The materials were all considered homogeneous, linear, elastic and isotropic and their properties are presented in Tables 2 and 3 . A high elastic modulus was selected for the composite since this condition would make differences in shrinkage stress more evident. Maximum principal ( MP ) and maximum shear ( MS ) stresses, generated at different walls, as a function of the C-Factor, were calculated. To reduce the effect of artifacts at singular points in the model, such as cavity angles and shape boundaries, the stress level was plotted for the mean value of eleven nodes (representing 1 mm 2 area) subjected to the highest stress instead of one peak value of the maximal principal stress. The same was done for X , Y and Z axes, separately. The scheme presented in Fig. 4 was used to facilitate the visualization of all regions. The cavity walls were denominated accordingly to planes that defined each wall: ZY _wall ( ZY plane), ZX _wall ( ZX plane) and pulpal_wall (or floor; XY plane). Deformations (maximum principal strains) in models with resin-composite and stress peaks (maximum principal stresses) at the enamel region were also evaluated.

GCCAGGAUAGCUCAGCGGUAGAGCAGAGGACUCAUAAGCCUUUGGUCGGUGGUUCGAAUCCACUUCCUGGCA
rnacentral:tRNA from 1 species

|Material||Elastic modulus (GPa)||Poisson’s ratios|